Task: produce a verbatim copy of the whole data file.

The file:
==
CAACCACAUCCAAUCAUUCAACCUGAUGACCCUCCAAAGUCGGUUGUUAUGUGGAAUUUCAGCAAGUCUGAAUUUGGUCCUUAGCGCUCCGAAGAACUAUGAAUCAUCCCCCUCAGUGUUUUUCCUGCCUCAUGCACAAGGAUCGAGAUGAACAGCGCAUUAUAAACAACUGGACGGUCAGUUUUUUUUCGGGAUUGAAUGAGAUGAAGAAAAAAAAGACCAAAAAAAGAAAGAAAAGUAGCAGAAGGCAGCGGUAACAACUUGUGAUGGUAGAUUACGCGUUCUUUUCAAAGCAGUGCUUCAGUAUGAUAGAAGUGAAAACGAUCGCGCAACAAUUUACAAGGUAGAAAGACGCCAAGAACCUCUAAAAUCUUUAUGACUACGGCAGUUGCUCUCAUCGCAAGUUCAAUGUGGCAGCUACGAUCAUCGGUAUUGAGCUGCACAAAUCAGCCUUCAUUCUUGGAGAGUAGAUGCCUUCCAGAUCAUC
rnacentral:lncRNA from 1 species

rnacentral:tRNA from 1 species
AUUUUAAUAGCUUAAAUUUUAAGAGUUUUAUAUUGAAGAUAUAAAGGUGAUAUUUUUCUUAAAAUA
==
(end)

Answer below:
CAACCACAUCCAAUCAUUCAACCUGAUGACCCUCCAAAGUCGGUUGUUAUGUGGAAUUUCAGCAAGUCUGAAUUUGGUCCUUAGCGCUCCGAAGAACUAUGAAUCAUCCCCCUCAGUGUUUUUCCUGCCUCAUGCACAAGGAUCGAGAUGAACAGCGCAUUAUAAACAACUGGACGGUCAGUUUUUUUUCGGGAUUGAAUGAGAUGAAGAAAAAAAAGACCAAAAAAAGAAAGAAAAGUAGCAGAAGGCAGCGGUAACAACUUGUGAUGGUAGAUUACGCGUUCUUUUCAAAGCAGUGCUUCAGUAUGAUAGAAGUGAAAACGAUCGCGCAACAAUUUACAAGGUAGAAAGACGCCAAGAACCUCUAAAAUCUUUAUGACUACGGCAGUUGCUCUCAUCGCAAGUUCAAUGUGGCAGCUACGAUCAUCGGUAUUGAGCUGCACAAAUCAGCCUUCAUUCUUGGAGAGUAGAUGCCUUCCAGAUCAUC
rnacentral:lncRNA from 1 species

rnacentral:tRNA from 1 species
AUUUUAAUAGCUUAAAUUUUAAGAGUUUUAUAUUGAAGAUAUAAAGGUGAUAUUUUUCUUAAAAUA